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Digital Detectives: Pros and Cons of Digital Monitoring

It’s not an invasion of privacy when you check your teen’s online activity—it’s an act of love, says Esther Reich, a stay-at-home mom in Jericho, New York.

When Reich’s son received a smartphone at the age of 10, he agreed to allow his parents to periodically review his web history, texts and emails, and contacts on social media. Now that her son is 14 years old, they still check in on his digital life, although less frequently than when he was younger.

“We’re not necessarily there to monitor everything he’s doing and look over his shoulder,” Reich explains. “We’re there to make sure he’s not getting into trouble.”

Teens don’t always understand the consequences of their online choices, she points out. For example, they may not realize that offensive posts or emails can be recovered even after you delete them, or that if you send or receive an inappropriate photo of a minor, it may be a crime.

“As parents, we’re here to guide our children and to try to make sure that they make educated choices,” Reich says. “And at different ages, they may not be capable of understanding the ramifications of certain actions.”

What are Other Families Doing?

Reich is like most parents, according to a Pew Research Center study that found parents commonly review teens’ digital history. That’s a lot of screens to check: Ninety-five percent of teens now have access to smartphones, according to a 2018 Pew Research Center report, an increase from 73 percent of teens in 2015. Eighty-eight percent have access to laptops or desktop computers.

Reich manually spot checks her son’s devices, but you can also install programs that keep tabs for you. Products such as mSpy, TeenSafe, and Qustodio remotely track calls, texts, photos, social media messaging, and website visits, making it easy to monitor your teen’s screen time at all times.

But is all this oversight a good thing? Not everyone agrees.

The Ups and Downs of Monitoring

Online monitoring can undermine a teen’s trust, especially if a parent does it covertly, says Devorah Heitner, founder of Raising Digital Natives and author of Screenwise: Helping Kids Thrive (and Survive) in Their Digital World.

Instead, parents should guide their teens, openly discuss concerns, and then allow them to make mistakes, according to Heitner.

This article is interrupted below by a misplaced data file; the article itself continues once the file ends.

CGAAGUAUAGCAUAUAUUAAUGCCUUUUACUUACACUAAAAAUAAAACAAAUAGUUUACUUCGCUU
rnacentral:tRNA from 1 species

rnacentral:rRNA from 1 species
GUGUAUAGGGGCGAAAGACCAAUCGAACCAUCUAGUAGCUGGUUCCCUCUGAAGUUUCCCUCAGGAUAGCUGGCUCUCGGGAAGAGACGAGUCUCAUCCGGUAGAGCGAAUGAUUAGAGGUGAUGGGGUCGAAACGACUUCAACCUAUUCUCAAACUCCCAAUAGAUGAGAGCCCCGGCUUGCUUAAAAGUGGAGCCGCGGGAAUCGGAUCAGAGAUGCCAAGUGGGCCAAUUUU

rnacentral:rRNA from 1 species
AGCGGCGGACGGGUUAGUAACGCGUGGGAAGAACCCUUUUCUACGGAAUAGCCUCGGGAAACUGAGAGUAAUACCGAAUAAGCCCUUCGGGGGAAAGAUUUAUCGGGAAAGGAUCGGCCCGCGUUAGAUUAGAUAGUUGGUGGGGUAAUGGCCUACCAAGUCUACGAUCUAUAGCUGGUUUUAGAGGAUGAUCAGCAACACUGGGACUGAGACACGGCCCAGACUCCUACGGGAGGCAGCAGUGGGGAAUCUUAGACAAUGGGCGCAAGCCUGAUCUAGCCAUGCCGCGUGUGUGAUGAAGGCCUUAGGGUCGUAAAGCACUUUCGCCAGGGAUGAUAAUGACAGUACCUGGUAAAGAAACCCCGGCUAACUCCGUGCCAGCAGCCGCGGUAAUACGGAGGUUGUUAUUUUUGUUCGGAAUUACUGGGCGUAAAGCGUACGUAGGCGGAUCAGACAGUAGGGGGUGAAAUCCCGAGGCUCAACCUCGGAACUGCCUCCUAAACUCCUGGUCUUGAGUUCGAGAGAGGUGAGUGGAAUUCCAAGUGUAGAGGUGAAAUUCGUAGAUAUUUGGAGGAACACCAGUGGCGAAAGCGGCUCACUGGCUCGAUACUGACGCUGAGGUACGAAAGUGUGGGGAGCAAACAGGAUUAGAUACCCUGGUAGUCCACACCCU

“Mentoring is more important than monitoring because ultimately, we want our kids to be independent communicators,” Heitner says. “The most helpful you can be is letting your child figure some things out.”

But parents have the right as well as the duty to monitor what their teens are doing online, argues Jayne Hitchcock, president of Working to Halt Online Abuse (WHOA), an organization that educates the public about how to prevent online harassment.

Digital monitoring can protect teens from online dangers and prevent bullying, suicide, or even abduction, says Hitchcock, author of Cyberbullying and the Wild, Wild Web: What Everyone Needs to Know.

Yet, Heitner says parents tend to be overly anxious about such threats, and fear shouldn’t serve as an excuse to monitor their teens.

“It’s not clear to me why anyone would want to digitally spy on anyone else except in the most dire of circumstances, like you’re worried that your kid is doing criminal activity or contemplating suicide or harming others,” Heitner says. “In that case, of course, do everything you can, including using their passwords to get into their social media.”

The Bottom Line

If you do decide to monitor your teen’s screens, be up front about it, experts agree. Create a contract for responsible internet use. Discuss whether to monitor manually or remotely. Research and select a monitoring program and agree on ground rules together.

When Reich established a digital monitoring routine with her son, he had one request: His parents could look through his texts and emails as long as they didn’t do it in front of him. He didn’t want to see the looks on their faces as they scrolled through his phone.

While your teen may be more or less comfortable with online monitoring, what’s key is that you are open and transparent, regardless of how you approach screen monitoring.

To Check or Not to Check: The Pros and Cons of Digital Monitoring


  1. Parents feel more confident that their teen is safe.
  2. Monitoring opens opportunities for discussion about everything from online bullying to predators.


  1. Teens may think monitoring invades privacy or restricts independence.
  2. Teens don’t learn to handle online conflicts and communication on their own.

Mary Helen Berg is a freelance writer based in Los Angeles. Her work has appeared in Newsweek, The Los Angeles Times, Scary Mommy, and many other publications.

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